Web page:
What makes Christian prayer right, but praying to Hecate wrong?
I think prayer to the "truest" diety you know is a good idea, whoever that deity may be.

What makes Heaven the best destination, and not the Land of Youth?
Same principle. Any "Heaven" or good afterlife is so common that I'm almost led to believe it follows from a deity who rewards good and provides an eternal after-life. If the Land of Youth is what a group calls it, fine with me. It probably doesn't have a name, but we'll know it when we get there.

What makes God the only "real" deity; why not Odin?
I kind of like Norse mythology, it's "manly" in a sense. Again, go with the truest God you know.

What makes Noah's ark, and not Utnapishtam, the real flood-myth?
Why is God's account of creating men from clay, and not Enki's, legitimate?
These are a little different, being events. I'm not sure whether actual clay was used, and I'm not familiar with Enki, but they both indicate that God made man from inanimate material. To that extent, I accept them both. The flood? That was a pretty big deal, I'd be surprised if it wasn't mentioned in the writings of just about every group that existed there at the time, or who heard about it later.

Why is a church's holy water, and not the Tears of Isis from the Nile, real?
this is a different kind of question. The Church declares that holy water is the result of certain steps, and that it has certain efficacy. That's pretty much between them and their followers. It's really not in competition with anything else. Further, I don't happen to know when holy water was introduced. Certainly not right at the beginning. If it had been borrowed from somewhere else, like other things are claimed to be, I'd expect it to be there right at the start with everything else.

What makes Jesus' resurrection right, but Dumuzi and Geshtinanna's wrong?
Your knowledge wins another point. I'm not familiar with that story.

By what measure do you judge the legitimacy of Christianity, but find every other religion on the face of the Earth to be wrong? It requires special pleading to accept Christianity, but reject all the other religions with the same practices, myths, rituals, beliefs, and symbols. That is called being intellectually dishonest.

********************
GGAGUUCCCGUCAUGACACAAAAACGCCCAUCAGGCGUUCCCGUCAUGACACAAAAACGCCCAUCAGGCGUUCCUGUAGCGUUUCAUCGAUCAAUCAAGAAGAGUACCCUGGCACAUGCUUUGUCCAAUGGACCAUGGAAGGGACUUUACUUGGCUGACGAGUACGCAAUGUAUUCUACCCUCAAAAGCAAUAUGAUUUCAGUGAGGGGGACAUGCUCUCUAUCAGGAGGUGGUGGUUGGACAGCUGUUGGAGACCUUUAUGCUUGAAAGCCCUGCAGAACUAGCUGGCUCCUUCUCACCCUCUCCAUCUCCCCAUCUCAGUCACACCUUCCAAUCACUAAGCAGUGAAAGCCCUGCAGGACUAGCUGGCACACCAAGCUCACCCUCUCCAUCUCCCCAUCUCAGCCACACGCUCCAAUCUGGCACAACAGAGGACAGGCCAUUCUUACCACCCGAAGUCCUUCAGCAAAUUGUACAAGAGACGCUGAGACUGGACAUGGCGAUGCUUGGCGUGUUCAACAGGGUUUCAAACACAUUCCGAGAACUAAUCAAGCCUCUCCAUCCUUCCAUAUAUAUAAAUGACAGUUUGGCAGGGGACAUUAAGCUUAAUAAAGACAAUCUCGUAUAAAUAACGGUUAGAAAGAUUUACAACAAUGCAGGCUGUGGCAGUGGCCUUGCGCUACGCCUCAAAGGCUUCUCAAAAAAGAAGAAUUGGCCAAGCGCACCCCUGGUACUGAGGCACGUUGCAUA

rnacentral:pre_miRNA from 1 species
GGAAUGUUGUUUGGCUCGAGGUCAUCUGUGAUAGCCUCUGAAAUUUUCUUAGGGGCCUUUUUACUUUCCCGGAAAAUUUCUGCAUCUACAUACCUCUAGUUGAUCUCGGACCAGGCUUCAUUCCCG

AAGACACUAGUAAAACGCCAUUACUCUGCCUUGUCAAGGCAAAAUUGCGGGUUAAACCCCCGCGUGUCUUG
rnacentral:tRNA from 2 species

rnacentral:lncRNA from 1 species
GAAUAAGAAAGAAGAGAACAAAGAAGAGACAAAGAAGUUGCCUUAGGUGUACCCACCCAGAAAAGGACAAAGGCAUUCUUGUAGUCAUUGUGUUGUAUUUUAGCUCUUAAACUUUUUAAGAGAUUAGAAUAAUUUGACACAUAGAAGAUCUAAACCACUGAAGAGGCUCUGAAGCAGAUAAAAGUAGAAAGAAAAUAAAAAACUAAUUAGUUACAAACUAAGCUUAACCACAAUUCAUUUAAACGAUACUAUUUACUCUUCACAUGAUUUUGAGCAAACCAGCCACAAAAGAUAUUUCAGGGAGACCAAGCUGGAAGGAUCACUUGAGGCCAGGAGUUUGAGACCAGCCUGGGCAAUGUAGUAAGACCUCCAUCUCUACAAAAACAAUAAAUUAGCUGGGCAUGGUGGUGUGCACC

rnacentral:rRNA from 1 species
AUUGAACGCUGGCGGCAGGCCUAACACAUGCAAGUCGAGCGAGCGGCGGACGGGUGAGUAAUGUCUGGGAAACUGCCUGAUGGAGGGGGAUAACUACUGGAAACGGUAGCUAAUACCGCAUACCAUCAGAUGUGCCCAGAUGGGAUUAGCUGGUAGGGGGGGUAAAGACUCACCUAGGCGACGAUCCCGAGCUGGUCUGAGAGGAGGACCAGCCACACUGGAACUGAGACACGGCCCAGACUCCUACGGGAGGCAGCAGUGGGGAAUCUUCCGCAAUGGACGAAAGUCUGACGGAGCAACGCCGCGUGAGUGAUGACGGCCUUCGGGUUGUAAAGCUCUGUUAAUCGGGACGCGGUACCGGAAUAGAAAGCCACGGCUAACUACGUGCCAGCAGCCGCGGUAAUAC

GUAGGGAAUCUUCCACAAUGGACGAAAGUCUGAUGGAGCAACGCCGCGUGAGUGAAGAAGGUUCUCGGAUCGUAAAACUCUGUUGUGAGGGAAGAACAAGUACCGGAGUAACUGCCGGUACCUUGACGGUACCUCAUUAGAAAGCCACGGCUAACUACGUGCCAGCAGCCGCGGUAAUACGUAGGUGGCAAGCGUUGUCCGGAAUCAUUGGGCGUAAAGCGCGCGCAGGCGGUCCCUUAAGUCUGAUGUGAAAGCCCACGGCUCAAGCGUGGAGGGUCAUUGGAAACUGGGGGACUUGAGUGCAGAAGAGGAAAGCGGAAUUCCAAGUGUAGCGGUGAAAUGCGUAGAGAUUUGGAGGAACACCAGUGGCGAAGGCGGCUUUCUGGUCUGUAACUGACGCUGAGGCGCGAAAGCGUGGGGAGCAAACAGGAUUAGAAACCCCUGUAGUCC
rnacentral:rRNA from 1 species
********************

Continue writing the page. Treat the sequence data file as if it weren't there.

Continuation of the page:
But as I've tried to point out, Christianity doesn't call all other religions completely wrong, there is some truth in all of them. I don't, for example, reject prayer to God in any religion. By the way, I'm trying hard not to be dishonest. By all means, point it out if you see it.

It is actually a further stretch of reason to assume God made man from clay and breath, than it is to say the Jews grew up with the myth of Enki making men from clay and breath, and just adapted it to their chosen god.
This confuses me. You seem to be saying that the myth of Enki is a far stretch of reason, if that's what they believed. Are you saying you don't accept the Enki story? Besides, if the Jews had said God made man from rocks, it would have been the same story from my point of view. The clay isn't the essential part. The idea that God created man from non-living material seems to be the key to the story.

As for "finding truth," you won't find it in religion. If you really want the truth of existence, try science.
Sorry, that's no good. Science is, by definition, unable to study the supernatural. I believe in the supernatural.

But you never will, because the truth is that we're not special, important, or created by divinity. We're just another species populating a lonely rock in dead space. No more, or less, important than any other randomly picked hunk of space debris circling a sun which will one explode and reclaim all within it's tiny, insignificant solar system.
I disagree, and on this point I think it's Wandering Scribe versus the world.

I'm looking for truth, whether it makes me happy or sad, to explain why I'm not empty.